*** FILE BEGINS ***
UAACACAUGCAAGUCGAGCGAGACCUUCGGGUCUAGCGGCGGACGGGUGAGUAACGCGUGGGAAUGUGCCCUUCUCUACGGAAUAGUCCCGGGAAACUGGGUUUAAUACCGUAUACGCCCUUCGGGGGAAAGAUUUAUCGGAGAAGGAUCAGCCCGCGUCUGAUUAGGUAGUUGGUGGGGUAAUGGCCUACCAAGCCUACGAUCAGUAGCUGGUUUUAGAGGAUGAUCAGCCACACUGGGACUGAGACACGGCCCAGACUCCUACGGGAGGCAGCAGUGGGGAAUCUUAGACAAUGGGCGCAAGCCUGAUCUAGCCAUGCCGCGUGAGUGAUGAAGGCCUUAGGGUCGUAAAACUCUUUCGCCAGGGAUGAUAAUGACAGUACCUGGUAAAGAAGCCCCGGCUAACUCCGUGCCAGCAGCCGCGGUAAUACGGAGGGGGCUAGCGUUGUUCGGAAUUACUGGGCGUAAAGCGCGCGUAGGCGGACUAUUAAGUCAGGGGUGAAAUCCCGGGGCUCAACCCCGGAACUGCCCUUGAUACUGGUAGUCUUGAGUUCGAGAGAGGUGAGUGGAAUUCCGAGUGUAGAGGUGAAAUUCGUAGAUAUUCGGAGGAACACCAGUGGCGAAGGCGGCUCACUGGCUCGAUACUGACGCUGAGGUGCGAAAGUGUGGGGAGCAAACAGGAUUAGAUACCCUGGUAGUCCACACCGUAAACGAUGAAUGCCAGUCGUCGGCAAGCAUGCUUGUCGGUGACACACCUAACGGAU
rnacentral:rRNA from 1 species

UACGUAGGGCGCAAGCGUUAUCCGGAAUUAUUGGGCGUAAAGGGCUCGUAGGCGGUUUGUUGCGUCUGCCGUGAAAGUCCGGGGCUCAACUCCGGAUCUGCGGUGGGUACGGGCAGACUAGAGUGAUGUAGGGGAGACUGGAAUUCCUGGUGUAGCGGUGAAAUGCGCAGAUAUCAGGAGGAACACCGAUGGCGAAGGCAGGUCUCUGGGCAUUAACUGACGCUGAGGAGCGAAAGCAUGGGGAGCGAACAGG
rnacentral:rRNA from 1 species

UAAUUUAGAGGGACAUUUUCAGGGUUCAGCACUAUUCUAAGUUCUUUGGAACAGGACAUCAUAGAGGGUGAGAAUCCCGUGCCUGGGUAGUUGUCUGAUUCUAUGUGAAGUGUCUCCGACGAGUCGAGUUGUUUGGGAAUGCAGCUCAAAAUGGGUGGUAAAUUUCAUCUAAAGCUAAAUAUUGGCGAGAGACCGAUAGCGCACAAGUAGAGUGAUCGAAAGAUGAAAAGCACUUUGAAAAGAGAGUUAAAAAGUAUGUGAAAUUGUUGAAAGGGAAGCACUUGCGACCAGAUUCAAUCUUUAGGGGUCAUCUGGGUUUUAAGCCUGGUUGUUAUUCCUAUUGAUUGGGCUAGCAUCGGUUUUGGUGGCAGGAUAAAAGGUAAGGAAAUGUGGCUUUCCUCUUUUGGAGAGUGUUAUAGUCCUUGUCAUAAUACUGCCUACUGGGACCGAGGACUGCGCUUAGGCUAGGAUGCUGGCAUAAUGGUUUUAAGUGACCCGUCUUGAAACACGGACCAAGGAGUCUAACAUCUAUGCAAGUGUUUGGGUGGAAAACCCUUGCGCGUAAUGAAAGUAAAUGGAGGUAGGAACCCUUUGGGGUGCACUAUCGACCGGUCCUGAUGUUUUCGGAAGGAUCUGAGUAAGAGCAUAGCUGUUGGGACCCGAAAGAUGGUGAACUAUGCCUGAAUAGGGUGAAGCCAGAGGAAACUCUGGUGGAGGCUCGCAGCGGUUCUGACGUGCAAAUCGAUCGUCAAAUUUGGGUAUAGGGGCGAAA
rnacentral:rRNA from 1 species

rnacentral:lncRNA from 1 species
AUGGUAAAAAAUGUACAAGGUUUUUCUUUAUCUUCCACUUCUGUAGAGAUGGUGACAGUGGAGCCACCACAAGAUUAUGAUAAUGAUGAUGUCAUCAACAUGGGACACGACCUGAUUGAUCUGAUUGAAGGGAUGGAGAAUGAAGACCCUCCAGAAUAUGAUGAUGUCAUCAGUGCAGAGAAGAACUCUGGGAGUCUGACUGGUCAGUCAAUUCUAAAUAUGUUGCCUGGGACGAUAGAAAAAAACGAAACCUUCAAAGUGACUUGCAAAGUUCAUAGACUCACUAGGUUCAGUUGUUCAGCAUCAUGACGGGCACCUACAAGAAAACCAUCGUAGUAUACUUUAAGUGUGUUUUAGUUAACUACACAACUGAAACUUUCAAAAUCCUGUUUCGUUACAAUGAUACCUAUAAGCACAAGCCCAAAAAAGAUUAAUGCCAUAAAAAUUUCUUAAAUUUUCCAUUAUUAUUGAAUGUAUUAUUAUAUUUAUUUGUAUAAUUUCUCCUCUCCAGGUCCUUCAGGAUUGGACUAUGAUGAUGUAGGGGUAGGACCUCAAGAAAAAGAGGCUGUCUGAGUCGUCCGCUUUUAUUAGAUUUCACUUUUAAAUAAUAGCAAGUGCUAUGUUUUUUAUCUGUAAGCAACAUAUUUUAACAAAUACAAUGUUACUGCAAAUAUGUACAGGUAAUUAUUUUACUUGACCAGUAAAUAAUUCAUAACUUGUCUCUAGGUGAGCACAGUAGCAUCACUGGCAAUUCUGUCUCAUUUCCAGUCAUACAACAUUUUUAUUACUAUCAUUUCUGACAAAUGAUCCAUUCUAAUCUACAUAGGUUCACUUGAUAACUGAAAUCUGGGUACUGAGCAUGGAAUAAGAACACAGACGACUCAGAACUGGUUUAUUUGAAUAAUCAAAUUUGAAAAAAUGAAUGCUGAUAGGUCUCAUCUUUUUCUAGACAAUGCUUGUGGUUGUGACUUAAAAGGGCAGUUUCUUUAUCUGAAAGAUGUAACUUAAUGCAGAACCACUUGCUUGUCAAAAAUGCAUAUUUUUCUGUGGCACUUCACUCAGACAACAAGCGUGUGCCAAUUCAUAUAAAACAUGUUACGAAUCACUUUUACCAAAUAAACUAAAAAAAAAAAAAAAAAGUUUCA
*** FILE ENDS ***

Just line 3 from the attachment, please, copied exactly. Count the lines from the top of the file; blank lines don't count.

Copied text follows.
UACGUAGGGCGCAAGCGUUAUCCGGAAUUAUUGGGCGUAAAGGGCUCGUAGGCGGUUUGUUGCGUCUGCCGUGAAAGUCCGGGGCUCAACUCCGGAUCUGCGGUGGGUACGGGCAGACUAGAGUGAUGUAGGGGAGACUGGAAUUCCUGGUGUAGCGGUGAAAUGCGCAGAUAUCAGGAGGAACACCGAUGGCGAAGGCAGGUCUCUGGGCAUUAACUGACGCUGAGGAGCGAAAGCAUGGGGAGCGAACAGG